Stephenâ€™s Grove Loop
0.7 miles, 30 minutes, levelÂ
Stephenâ€™s GroveÂ was one of the first groves protected by the park. It served as a campground before the floods of 1955 and 1964, but was buried under layers of silt. Look closely as you walk theÂ Stephenâ€™s Grove Loopâ€”can you find traces of old roadways and picnic tables? The redwood forest reclaims its territory quickly!
Start at Avenue of the Giants mile marker 7.0, just north of the town of Miranda. 9.5 miles south of park headquarters.
0.7 miles, 30 minutes, elevation change 20 feet
Rockefeller LoopÂ explores the majestic Rockefeller Forest near the confluence of Bull Creek and the South Fork of the Eel River. Trees soaring to immense heights combine with an open understory to create aÂ fairy-tale forest! Start 1.1 miles west of the Avenue of the Giants on the Mattole Road, which breaks off at Avenue of the Giants mile marker 20.6, at Dyerville.
The following hikes are 2.2â€“7.5 miles long, with moderate elevation gains.
Bull Creek Trail North
3.7 miles or about 2 hours each way; elevation change, 200 feet
Bull Creek Trail NorthÂ is accessible year-round and offers a walk through the forest primevalâ€”the largest old-growth redwood forest remaining in the world! Start either at Lower Bull Creek Flats (1.1 miles west of Avenue of the Giants on Mattole Road) or Big Trees (4.1 miles west of the Avenue of the Giants on Mattole Road).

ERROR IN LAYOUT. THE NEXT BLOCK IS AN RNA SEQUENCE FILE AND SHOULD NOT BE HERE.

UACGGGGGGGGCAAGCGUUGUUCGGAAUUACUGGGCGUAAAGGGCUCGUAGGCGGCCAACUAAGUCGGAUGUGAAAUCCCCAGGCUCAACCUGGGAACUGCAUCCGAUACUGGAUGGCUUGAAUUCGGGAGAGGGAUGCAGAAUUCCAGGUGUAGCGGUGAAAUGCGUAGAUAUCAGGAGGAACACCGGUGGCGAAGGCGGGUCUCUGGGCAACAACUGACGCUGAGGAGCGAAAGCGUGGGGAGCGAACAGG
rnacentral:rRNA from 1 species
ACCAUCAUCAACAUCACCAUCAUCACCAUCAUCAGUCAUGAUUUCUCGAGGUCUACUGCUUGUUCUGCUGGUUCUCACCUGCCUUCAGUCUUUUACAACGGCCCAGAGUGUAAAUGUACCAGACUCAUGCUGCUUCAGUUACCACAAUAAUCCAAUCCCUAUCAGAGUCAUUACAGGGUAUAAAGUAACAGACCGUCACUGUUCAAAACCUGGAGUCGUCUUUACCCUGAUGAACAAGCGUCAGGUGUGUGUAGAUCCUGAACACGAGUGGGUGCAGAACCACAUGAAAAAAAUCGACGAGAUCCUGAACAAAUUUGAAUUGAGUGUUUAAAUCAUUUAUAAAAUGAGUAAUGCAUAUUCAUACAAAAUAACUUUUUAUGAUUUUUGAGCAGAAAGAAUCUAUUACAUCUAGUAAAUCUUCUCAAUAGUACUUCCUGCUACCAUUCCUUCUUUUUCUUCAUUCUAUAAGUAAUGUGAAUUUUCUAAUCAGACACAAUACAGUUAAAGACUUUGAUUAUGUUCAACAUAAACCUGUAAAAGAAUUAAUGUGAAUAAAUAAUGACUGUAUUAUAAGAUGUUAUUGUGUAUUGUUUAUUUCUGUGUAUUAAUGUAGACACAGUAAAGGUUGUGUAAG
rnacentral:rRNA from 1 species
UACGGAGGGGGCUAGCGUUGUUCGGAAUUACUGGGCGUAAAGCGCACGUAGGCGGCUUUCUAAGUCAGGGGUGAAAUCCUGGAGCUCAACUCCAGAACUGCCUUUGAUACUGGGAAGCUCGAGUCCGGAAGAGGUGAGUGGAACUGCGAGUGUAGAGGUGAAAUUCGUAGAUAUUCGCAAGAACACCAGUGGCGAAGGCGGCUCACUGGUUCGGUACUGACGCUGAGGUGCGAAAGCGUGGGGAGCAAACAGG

BullÂ Creek Trail, North and South Loop
7.5 mile loop, about 4 hours, elevation change 500 feetÂ
When summer bridges are installed, you can get a great look at the magnificent Rockfeller Forest from by takingÂ Bull Creek Trail NorthÂ in one direction andÂ Bull Creek Trail SouthÂ in the other. Start at either Lower Bull Creek Flats (1.1 miles west of Avenue of the Giants on Mattole Road) or Big Trees (4.1 miles west of the Avenue of the Giants on Mattole Road).